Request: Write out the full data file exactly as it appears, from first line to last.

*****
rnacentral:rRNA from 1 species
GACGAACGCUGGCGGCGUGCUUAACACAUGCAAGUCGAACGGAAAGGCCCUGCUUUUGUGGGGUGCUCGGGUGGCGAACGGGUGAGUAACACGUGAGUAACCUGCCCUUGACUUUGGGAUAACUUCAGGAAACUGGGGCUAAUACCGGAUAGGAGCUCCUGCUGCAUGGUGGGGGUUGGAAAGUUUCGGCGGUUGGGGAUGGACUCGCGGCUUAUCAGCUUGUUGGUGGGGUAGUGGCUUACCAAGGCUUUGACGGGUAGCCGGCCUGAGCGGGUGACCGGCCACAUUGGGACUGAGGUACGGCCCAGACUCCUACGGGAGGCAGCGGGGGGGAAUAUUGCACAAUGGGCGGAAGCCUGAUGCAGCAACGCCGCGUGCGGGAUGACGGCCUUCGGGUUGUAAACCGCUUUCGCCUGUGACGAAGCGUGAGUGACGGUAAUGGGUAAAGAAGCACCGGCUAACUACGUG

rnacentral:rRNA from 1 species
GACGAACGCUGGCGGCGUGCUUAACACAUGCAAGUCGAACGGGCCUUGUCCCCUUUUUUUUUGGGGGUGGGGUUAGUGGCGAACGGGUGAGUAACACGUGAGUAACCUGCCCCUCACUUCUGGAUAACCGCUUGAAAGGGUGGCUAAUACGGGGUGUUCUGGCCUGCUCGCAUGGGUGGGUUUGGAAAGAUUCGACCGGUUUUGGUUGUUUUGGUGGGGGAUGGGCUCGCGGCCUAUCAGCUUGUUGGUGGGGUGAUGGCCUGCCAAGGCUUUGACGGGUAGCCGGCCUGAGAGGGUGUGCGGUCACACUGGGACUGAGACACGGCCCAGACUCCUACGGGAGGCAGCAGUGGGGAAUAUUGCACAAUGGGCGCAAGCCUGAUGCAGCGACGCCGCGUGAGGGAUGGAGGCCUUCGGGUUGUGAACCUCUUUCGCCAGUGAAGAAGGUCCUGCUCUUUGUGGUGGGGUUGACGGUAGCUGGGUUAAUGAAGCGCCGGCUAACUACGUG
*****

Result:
rnacentral:rRNA from 1 species
GACGAACGCUGGCGGCGUGCUUAACACAUGCAAGUCGAACGGAAAGGCCCUGCUUUUGUGGGGUGCUCGGGUGGCGAACGGGUGAGUAACACGUGAGUAACCUGCCCUUGACUUUGGGAUAACUUCAGGAAACUGGGGCUAAUACCGGAUAGGAGCUCCUGCUGCAUGGUGGGGGUUGGAAAGUUUCGGCGGUUGGGGAUGGACUCGCGGCUUAUCAGCUUGUUGGUGGGGUAGUGGCUUACCAAGGCUUUGACGGGUAGCCGGCCUGAGCGGGUGACCGGCCACAUUGGGACUGAGGUACGGCCCAGACUCCUACGGGAGGCAGCGGGGGGGAAUAUUGCACAAUGGGCGGAAGCCUGAUGCAGCAACGCCGCGUGCGGGAUGACGGCCUUCGGGUUGUAAACCGCUUUCGCCUGUGACGAAGCGUGAGUGACGGUAAUGGGUAAAGAAGCACCGGCUAACUACGUG

rnacentral:rRNA from 1 species
GACGAACGCUGGCGGCGUGCUUAACACAUGCAAGUCGAACGGGCCUUGUCCCCUUUUUUUUUGGGGGUGGGGUUAGUGGCGAACGGGUGAGUAACACGUGAGUAACCUGCCCCUCACUUCUGGAUAACCGCUUGAAAGGGUGGCUAAUACGGGGUGUUCUGGCCUGCUCGCAUGGGUGGGUUUGGAAAGAUUCGACCGGUUUUGGUUGUUUUGGUGGGGGAUGGGCUCGCGGCCUAUCAGCUUGUUGGUGGGGUGAUGGCCUGCCAAGGCUUUGACGGGUAGCCGGCCUGAGAGGGUGUGCGGUCACACUGGGACUGAGACACGGCCCAGACUCCUACGGGAGGCAGCAGUGGGGAAUAUUGCACAAUGGGCGCAAGCCUGAUGCAGCGACGCCGCGUGAGGGAUGGAGGCCUUCGGGUUGUGAACCUCUUUCGCCAGUGAAGAAGGUCCUGCUCUUUGUGGUGGGGUUGACGGUAGCUGGGUUAAUGAAGCGCCGGCUAACUACGUG